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Saturday, October 16, 2010

And Eye(tooth) for an Eye

Sharron "Kay" Thornton is a sixty-one-year-old woman who lives in Mississippi.  Ten years ago she lost her eyesight due to a rare skin disease, called Stevens-Johnson syndrome, that attacked her eyes, damaged her cornea (the clear window at the front of the eye), and left her blind.  She was not eligible for a cornea or an artificial cornea transplant.  Doctors tried a stem cell treatment, but it was unsuccessful.

Last year, she went to see Dr. Victor L. Perez of the Bascom Palmer Eye Institute at the University of Miami's Miller School of Medicine.  He decided to try a procedure that was developed in Italy but had never been done in the United States.  It is called modified osteo-odento-keratoprosthesis.

They took out one of her eye teeth, also called canine teeth, and part of the bone above that tooth.  They shaved it down to the proper shape and size and punched a hole in the middle, where an acrylic lens was inserted.  This was implanted into her shoulder for 3 months while they waited for the bone and the lens to fuse.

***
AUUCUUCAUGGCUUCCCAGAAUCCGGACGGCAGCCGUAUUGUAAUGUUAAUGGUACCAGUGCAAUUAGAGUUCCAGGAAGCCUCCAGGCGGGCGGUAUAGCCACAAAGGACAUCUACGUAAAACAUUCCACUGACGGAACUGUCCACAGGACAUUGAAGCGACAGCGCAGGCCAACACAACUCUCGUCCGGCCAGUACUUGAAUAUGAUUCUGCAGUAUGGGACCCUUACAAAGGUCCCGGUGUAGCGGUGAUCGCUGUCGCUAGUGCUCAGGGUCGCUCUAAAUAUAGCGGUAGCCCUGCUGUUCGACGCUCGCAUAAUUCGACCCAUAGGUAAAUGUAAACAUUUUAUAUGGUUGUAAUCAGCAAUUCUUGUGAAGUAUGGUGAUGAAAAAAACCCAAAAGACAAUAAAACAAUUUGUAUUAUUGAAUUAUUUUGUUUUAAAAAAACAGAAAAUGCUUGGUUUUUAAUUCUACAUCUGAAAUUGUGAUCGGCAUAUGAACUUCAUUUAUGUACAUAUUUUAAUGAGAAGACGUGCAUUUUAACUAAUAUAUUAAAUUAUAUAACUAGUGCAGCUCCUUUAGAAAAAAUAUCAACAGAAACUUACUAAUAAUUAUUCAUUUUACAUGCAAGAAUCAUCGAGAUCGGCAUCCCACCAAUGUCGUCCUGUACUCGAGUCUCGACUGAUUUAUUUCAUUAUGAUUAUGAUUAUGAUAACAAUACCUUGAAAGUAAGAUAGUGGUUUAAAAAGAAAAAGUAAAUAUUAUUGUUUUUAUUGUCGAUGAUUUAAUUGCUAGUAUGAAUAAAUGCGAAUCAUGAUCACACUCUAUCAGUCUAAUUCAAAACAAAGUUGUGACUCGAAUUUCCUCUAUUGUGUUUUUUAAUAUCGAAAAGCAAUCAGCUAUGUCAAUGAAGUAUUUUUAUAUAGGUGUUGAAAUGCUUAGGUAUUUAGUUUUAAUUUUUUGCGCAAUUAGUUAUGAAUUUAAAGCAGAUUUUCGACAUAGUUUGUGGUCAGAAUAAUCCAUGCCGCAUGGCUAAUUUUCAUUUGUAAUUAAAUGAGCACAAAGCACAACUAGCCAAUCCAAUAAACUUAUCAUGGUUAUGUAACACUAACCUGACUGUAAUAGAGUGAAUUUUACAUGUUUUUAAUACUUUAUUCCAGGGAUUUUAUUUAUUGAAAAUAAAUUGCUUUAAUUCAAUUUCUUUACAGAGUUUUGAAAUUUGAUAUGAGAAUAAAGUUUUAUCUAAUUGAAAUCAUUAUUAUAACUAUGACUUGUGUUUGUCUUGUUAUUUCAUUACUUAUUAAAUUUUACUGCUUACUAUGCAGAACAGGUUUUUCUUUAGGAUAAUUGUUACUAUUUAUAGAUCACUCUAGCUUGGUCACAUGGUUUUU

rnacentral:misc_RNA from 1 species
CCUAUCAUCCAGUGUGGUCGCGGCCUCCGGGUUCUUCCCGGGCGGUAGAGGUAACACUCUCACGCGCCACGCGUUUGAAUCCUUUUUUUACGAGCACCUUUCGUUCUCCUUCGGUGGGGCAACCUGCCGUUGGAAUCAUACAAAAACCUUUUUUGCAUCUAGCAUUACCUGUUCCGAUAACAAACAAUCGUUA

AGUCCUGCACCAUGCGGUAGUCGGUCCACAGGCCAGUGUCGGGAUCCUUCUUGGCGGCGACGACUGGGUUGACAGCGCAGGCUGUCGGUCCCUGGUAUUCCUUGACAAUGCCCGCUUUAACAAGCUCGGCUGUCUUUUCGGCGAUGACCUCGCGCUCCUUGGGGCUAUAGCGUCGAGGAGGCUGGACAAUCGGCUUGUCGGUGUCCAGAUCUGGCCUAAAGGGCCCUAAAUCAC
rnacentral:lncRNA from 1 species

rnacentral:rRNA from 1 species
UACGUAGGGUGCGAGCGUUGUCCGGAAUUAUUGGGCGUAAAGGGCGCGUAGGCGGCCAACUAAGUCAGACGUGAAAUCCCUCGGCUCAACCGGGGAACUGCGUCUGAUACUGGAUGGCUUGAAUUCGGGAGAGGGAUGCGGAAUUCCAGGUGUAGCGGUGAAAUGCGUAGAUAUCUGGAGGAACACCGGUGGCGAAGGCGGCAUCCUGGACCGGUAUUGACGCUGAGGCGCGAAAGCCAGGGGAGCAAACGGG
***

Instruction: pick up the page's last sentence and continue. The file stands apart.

The scars from around her cornea were removed and moist cheek tissue was used to cover the eye to rehabilitate it.  When the time was right, the tooth/bone/lens piece was removed from her shoulder and implanted in her eye.  It was carefully aligned with her retina. The bone keeps it from moving out of place. The cheek tissue is still on the eye, but has a hole where the lens pokes out.  She cannot close her eye fully, and the cheek tissue helps to keep it moist.

Here is a graphic from the Bascom Palmer Eye Institute that shows what was done.  When the bandages were removed, she had 20/70 vision!  They expect it will get better with time.

The procedure has been performed on 600 people around the world.  Very ingenious.  It seems to work best for people who have been blinded by chemical burns, thermal burns, rare reactions to drugs, and other cases where normal corneal transplants would not work.

There is another video of a man in the UK who was blind for 26 years.  You can go to youtube to watch it.  (7:28 min long)

Now you have heard something interesting.

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